Later in the afternoon, a small group will usually wander over to our community garden plot to investigate how it's growing, weed, mulch or water and harvest.  Some weeks we wander down to the beach or the skate park through the gully, making sure to return in time to share the packing up and a last cuppa for the day. Each week is diverse and as gentle as it can be on members, who are glad for the company and friendship. Generally we arrive home exhausted, but with hearts full, looking forward to next week. 

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Running the administration and tricky bits...

Another founding member is the group treasurer and she takes care of the money tin and sign in sheet. I organise insurance through the Home Education Network. We've changed our format over the years but currently we offer seasonal memberships. Each family signs on for a season and pays up-front, with the intention to come to as many weeks as possible. The benefit of this is reduced paperwork for our treasurer, and commitment from members… 

We keep a Facebook group for communication between families and brainstorming ideas. All ideas are welcome and encouraged and if families have a skill or something to share with the group, we'll fit that in. We're providing a support network of mentors and other reliable adults around for our children, which is so wonderful.

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Words of advice for setting up your own co-op...

1) Buddy up - I read this wonderfully helpful blog post a while ago, when we almost threw in the towel, which suggested you just need to find at least one other family who are willing to commit to showing up every week. And so our trusty treasurer /long-time dear friend and I set about showing up, no matter what. If you build it, they will come, hey? 

2) Be consistent - We've tried fortnightly meet ups and twice-weekly… But the right balance for the whole group seems to be one day each week. Consistency is the key to maintaining friendships. It keeps that day free in everyone's heads and creates a beautiful rhythm for the children - Yay! Co-op day! Or… how many sleeps until co-op?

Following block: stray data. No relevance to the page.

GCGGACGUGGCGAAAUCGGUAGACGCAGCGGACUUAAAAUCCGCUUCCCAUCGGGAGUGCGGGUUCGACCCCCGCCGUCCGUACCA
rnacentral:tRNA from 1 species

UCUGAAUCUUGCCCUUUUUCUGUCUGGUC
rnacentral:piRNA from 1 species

3) Pick a format - It might work better for you to leave it an open invitation - this is especially helpful when you are wanting to locate other like-minded families. You may prefer a big gathering. For our group, a week-to-week format meant flexibility and welcoming lots of people to our community, but it also meant we didn't know who to expect each week. On weeks where there was a really awesome activity, suddenly we'd have huge numbers of people. Which can be wonderfully abundant and so lovely. But it can also mean that lots of the organising and clean-up can fall on the shoulders of a couple of people. And then it feels weird on the weeks where there are only a few of you again… We've fairly recently chosen a seasonal subscription format with just one big abundant, casual visit, open day each season. This is with the intention of knowing who to expect each week and everyone contributing equally. It's smaller, but closer knit and is helping to draw skills and interests out of the quieter members as they grow more comfortable with our group - mission accomplished! A co-op!

4) Be open and stick to the plan - Try and keep the lines of communication open for everyone to have a voice. At the same time, act in the best interests of the group and work to maintain your combined vision. Sometimes this may mean re-thinking how you do things. Sometimes this will ruffle feathers. That's ok. Stick with it.

5) Your co-op isn't for everyone - You may be left scratching your head about why a good friend feels your group isn't for them. You may have expressed a desire to take everyone's ideas on board and make your group work for everyone who's willing to contribute. And they still might not feel comfy. And that's totally ok! You may find some members identify a common bond and set up their own group that suits them better - how wonderful!! And possibly heartbreaking. And wonderful!! You possibly have an extended group of friends out there and a broader, more enriching and diverse range of activities available to you. Awesome! Communities will shift and grow and shrink and move all around. Your job is to stay zen with it, catch up with the people who matter at other times, and just build that little tribe slowly and steadily. 

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It's putting yourself on the line a bit, but so rewarding when you find a friendly bunch to just share the time with. It becomes a highlight of your weeks. A social outlet and support for the more difficult days. And a place to celebrate the best days together. 

Happy tribe building. xx




9 July 2014

Taking stock...

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Making : Time for creativity. Yay!
Cooking : Lots of foods that owlets love to help cook and eat. They're always so hungry!